How George H.W. Bush Set the U.N. Up for Post-Cold War Success—and Failure

President George H.W. Bush, flanked by Secretary of State James A. Baker III, left, and Defense Secretary Dick Cheney, in the Cabinet Room of the White House, March 19, 1992 (AP photo by J. Scott Applewhite).
President George H.W. Bush, flanked by Secretary of State James A. Baker III, left, and Defense Secretary Dick Cheney, in the Cabinet Room of the White House, March 19, 1992 (AP photo by J. Scott Applewhite).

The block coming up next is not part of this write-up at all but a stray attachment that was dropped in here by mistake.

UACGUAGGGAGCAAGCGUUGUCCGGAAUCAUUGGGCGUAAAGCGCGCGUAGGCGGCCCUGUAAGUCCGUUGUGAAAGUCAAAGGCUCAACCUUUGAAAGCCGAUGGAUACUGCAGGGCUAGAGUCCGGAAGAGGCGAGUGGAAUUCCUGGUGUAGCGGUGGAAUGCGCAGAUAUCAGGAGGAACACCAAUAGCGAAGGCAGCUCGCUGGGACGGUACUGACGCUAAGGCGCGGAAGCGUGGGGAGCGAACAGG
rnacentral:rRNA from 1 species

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George Herbert Walker Bush grasped the importance of the United Nations like no other American president before or since. The 41st occupant of the White House, who died last week, was U.S. ambassador to the U.N. in the early 1970s. Yet his main contribution to the institution came at the end of the Cold War. Throughout his single term in office, Bush grappled with the dilemma of how to dismantle the Soviet Union’s empire without sparking a disastrous bust-up with Moscow. He relied on the U.N. to pull off this geopolitical conjuring trick, turning to the Security Council to resolve […]

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